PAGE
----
Earlier this week, Derren Brown gave the illusion of predicting the lottery numbers before they were revealed in real time on national TV in Britain. Here’s that original video in case you missed it:
Now here is his bullshit explanation of how he did it.
He took inspiration from the Wisdom of Crowds theory, which essentially says that decisions made by lots of people are better than those by individuals.
The theory tells how a crowd at a county fair accurately guessed the weight of an ox when their individual guesses were averaged.
But last night maths experts poured scorn on Brown’s explanation saying that the whole thing was ‘bluff’ and ‘nonsense’.
Professor of Pure Mathematics at University of Oxford Roger Heath-Brown said: ‘This is not a good strategy for picking the lottery. But I can understand why some people might think it is a plausible strategy.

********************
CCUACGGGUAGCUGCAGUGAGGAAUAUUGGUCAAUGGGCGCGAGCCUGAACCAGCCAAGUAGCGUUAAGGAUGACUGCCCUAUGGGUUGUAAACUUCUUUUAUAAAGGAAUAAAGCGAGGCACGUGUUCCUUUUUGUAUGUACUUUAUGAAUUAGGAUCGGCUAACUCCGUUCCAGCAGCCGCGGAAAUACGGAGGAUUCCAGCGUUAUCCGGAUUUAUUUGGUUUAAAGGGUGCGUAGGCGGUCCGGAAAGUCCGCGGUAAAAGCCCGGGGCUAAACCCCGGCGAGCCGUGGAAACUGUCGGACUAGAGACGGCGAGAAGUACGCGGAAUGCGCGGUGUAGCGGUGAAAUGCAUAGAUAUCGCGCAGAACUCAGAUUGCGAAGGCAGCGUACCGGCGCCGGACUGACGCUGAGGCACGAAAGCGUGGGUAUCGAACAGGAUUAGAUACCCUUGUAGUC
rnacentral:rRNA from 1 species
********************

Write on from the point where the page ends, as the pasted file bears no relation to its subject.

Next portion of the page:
‘Mathematically it is complete rubbish. It is a bluff on his part. He is doing it some other way that is clear. But he is trying to produce what looks like a plausible rationale for producing numbers.’
The academic said it was wrong to draw a comparison with the ox experiment as people in that case had some evidence to go on.
David Spiegelhalter, professor of public understanding of risk at University of Cambridge said: ‘There is a difference between guessing between the weight of a cake compared with guessing lottery balls, which is unguessable.
It’s puzzling that someone who does great services of exposing people’s gullibility and the techniques by which frauds dupe them (see here or here for just two of many examples available on youtube) does a trick where he not only performs an illusion but lets people feel like they are in on the secret and have them leave saying ridiculously superstitious things like that simply believing they could predict numbers can make them do it successfully.